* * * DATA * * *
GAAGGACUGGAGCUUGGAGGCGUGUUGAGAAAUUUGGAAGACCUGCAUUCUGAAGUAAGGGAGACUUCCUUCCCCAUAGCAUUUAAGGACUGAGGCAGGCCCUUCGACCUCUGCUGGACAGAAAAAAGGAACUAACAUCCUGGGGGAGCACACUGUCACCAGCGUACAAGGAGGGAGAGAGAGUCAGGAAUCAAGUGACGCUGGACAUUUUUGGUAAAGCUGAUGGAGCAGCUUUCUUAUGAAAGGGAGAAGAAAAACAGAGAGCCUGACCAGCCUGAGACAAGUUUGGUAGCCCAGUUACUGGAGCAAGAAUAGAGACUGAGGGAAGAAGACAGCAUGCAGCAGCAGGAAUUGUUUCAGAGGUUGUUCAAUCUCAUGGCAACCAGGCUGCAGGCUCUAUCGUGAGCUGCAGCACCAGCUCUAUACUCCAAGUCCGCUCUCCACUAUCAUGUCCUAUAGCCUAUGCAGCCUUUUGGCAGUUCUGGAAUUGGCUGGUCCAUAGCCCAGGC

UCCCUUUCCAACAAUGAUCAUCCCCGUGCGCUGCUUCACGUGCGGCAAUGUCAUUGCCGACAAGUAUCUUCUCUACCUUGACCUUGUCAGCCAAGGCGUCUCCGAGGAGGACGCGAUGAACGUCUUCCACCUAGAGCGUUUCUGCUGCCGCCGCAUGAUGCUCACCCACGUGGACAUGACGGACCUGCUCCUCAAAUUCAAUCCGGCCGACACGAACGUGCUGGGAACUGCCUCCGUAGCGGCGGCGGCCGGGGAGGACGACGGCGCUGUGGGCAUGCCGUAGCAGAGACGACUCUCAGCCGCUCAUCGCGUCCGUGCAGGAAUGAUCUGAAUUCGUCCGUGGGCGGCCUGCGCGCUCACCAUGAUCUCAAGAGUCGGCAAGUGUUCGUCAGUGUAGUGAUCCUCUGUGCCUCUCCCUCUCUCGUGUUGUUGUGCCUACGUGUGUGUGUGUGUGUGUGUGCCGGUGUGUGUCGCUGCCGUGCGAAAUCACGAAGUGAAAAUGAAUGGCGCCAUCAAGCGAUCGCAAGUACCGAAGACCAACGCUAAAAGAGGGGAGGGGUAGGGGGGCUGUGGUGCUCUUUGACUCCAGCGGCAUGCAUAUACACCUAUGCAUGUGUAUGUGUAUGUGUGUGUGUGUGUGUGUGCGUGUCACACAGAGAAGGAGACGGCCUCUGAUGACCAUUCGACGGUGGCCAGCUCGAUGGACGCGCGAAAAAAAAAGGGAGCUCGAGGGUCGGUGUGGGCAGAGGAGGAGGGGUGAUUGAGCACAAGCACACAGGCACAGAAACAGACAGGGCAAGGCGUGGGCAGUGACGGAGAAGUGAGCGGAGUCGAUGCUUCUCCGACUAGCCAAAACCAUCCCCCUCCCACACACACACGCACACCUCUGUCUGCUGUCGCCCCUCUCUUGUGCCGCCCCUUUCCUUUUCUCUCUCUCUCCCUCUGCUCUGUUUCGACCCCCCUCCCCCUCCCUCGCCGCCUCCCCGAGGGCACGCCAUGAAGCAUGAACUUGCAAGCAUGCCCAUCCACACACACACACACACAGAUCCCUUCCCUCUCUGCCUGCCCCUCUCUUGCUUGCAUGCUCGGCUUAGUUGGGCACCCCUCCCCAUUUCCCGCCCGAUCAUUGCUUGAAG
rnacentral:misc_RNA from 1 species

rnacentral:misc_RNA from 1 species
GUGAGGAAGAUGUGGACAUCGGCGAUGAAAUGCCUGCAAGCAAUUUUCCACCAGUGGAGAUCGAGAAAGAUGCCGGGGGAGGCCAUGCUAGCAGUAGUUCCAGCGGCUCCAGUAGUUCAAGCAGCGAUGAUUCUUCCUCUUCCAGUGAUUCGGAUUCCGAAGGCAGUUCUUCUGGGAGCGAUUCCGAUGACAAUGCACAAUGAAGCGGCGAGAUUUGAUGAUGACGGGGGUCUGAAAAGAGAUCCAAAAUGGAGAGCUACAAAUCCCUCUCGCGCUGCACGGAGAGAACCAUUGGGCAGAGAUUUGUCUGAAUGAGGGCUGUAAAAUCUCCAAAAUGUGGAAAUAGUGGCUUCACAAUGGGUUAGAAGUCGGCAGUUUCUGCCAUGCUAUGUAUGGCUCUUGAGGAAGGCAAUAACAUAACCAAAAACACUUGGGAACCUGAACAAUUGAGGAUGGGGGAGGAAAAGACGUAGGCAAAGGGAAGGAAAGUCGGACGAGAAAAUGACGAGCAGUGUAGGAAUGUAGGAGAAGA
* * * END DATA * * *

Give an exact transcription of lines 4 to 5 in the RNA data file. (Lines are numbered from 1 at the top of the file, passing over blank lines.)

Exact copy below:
rnacentral:misc_RNA from 1 species
GUGAGGAAGAUGUGGACAUCGGCGAUGAAAUGCCUGCAAGCAAUUUUCCACCAGUGGAGAUCGAGAAAGAUGCCGGGGGAGGCCAUGCUAGCAGUAGUUCCAGCGGCUCCAGUAGUUCAAGCAGCGAUGAUUCUUCCUCUUCCAGUGAUUCGGAUUCCGAAGGCAGUUCUUCUGGGAGCGAUUCCGAUGACAAUGCACAAUGAAGCGGCGAGAUUUGAUGAUGACGGGGGUCUGAAAAGAGAUCCAAAAUGGAGAGCUACAAAUCCCUCUCGCGCUGCACGGAGAGAACCAUUGGGCAGAGAUUUGUCUGAAUGAGGGCUGUAAAAUCUCCAAAAUGUGGAAAUAGUGGCUUCACAAUGGGUUAGAAGUCGGCAGUUUCUGCCAUGCUAUGUAUGGCUCUUGAGGAAGGCAAUAACAUAACCAAAAACACUUGGGAACCUGAACAAUUGAGGAUGGGGGAGGAAAAGACGUAGGCAAAGGGAAGGAAAGUCGGACGAGAAAAUGACGAGCAGUGUAGGAAUGUAGGAGAAGA